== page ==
Does Windows 8 Help the Government to Spy on Us?
TPM has always sounded like a good idea. But the problem with 'trusted computing' has alwasy been knowing how trustworthy it is.
Mon, September 09, 2013
Computerworld — The Microsoft fan club is up in arms. Those reports about Windows 8 allowing the government to spy on us? Nonsense, they fuss. It's simply not true that Windows 8 combines with Trusted Platform Module (TPM) to create a built-in back door for surveillance by the National Security Agency (NSA).
No, no, they whine, the German newspaper Die Zeit had it all wrong when it claimed that the combination of TPM 2.0 and Windows 8.x (German-language article) gives Microsoft complete control over which programs can and can't run, plus access to Windows BitLocker encryption, and the ability to remotely administer devices beyond a user's control.
And, oh my, no, the NSA or some other government agency could never, ever get into your computer or tablet via this technology pairing! Some Microsoft defenders even claim that the explanation from Germany's Federal Office for Information Security (BSI) (German-language article) about what's going on with Windows 8 and TPM 2.0 makes it clear that there's no real danger from using the pair in combination.
Really? They're not reading the same memo I'm reading.
I quote: "From the perspective of the BSI, the use of Windows 8 in combination with a TPM 2.0 is accompanied by a loss of control over the operating system and the hardware. [Emphasis and translation are mine.] This results in new risks for users, especially for the federal government and critical infrastructure. In particular... error conditions can result that prevent further operation of the system. This can cause errors that can brick the operating system and hardware. Such a situation would not be acceptable for the federal government nor for other users. In addition, the newly established mechanisms can also be used for sabotage by third parties. These risks need to be addressed."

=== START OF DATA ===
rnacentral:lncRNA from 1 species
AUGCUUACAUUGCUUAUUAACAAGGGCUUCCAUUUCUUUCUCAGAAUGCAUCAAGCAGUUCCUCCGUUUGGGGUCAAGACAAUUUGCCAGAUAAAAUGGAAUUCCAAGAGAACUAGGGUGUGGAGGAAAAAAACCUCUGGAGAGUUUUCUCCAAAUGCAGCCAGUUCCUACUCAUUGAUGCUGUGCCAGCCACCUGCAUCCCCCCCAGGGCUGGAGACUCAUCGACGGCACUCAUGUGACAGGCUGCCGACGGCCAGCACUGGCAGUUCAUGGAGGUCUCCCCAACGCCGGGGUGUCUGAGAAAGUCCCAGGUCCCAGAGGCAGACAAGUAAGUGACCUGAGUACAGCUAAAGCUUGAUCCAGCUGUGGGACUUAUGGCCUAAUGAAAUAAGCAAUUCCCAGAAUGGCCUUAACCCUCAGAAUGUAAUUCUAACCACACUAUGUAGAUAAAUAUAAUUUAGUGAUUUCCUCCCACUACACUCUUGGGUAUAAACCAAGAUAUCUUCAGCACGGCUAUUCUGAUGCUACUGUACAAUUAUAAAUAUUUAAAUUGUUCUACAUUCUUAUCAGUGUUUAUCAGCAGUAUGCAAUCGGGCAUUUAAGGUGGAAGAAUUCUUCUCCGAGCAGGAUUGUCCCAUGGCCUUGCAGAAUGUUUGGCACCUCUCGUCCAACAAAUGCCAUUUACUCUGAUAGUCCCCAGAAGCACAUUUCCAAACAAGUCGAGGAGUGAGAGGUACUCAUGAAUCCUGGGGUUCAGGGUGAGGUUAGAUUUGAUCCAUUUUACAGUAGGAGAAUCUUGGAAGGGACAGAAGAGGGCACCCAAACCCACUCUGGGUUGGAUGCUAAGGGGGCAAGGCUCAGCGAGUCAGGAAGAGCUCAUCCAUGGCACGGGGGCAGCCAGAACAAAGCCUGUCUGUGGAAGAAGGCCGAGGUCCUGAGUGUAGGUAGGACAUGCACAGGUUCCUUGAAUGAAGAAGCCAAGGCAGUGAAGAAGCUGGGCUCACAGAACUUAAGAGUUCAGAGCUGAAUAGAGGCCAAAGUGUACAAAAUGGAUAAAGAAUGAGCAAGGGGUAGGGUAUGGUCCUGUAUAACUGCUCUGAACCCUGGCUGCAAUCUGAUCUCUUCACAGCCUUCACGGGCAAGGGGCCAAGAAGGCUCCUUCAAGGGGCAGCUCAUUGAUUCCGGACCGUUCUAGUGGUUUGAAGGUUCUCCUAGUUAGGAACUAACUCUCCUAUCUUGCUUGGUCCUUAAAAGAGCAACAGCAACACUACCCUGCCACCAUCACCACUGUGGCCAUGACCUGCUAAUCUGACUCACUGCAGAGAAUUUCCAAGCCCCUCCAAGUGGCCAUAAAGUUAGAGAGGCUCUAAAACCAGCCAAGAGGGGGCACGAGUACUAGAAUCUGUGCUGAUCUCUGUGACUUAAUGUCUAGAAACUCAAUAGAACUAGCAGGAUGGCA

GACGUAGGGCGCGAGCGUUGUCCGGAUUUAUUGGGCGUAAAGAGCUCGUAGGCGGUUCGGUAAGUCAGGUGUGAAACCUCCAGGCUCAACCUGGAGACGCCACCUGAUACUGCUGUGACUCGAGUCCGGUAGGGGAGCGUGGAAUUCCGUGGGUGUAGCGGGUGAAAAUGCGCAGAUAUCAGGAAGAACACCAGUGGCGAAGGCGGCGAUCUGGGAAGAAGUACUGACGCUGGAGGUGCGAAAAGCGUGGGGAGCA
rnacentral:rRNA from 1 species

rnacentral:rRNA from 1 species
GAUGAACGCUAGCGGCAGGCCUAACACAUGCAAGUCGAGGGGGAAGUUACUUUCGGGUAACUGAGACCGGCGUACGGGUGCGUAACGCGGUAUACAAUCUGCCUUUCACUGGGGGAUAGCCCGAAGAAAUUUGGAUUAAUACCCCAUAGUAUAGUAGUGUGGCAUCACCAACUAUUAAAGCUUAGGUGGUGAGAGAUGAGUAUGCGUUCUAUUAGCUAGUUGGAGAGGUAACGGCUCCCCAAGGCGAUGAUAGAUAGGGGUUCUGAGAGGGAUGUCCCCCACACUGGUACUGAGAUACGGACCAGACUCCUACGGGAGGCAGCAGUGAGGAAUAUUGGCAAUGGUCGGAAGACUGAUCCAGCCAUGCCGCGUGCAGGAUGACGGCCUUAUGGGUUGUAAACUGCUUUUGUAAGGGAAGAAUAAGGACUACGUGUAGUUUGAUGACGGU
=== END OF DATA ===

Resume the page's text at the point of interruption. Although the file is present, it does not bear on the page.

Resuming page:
Like Secure Boot, this is another step in Microsoft turning PCs into locked-down devices. While we can't know if Microsoft is sharing access with the NSA or other government agencies, the potential is certainly there for third parties to gain access to your PC and even your encrypted records if you use BitLocker.
Sure, TPM has always sounded like a good idea. The problem with "trusted computing" (registration required) has always been knowing exactly how trustworthy it is.
Once upon a time, PCs were open devices. You could run whatever you wanted on them. It seems clear to me that Microsoft wants to turn PCs into closed devices. First, there was Secure Boot with Windows 8. Then, with Windows 8.1, your built-in local search integrated with Bing and its advertisers (but see Microsoft's denial). And now we have built-in security holes.
I don't trust Microsoft with that much power. Frankly, I have a lot of trouble trusting any company that much. Call me old-fashioned, but I like knowing that I, and not someone else, has ultimate control over my PC. Give me open computers, not dedicated devices.
Steven J. Vaughan-Nichols has been writing about technology and the business of technology since CP/M-80 was cutting-edge and 300bps was a fast Internet connection -- and we liked it! He can be reached at firstname.lastname@example.org.
Read more about security in Computerworld's Security Topic Center.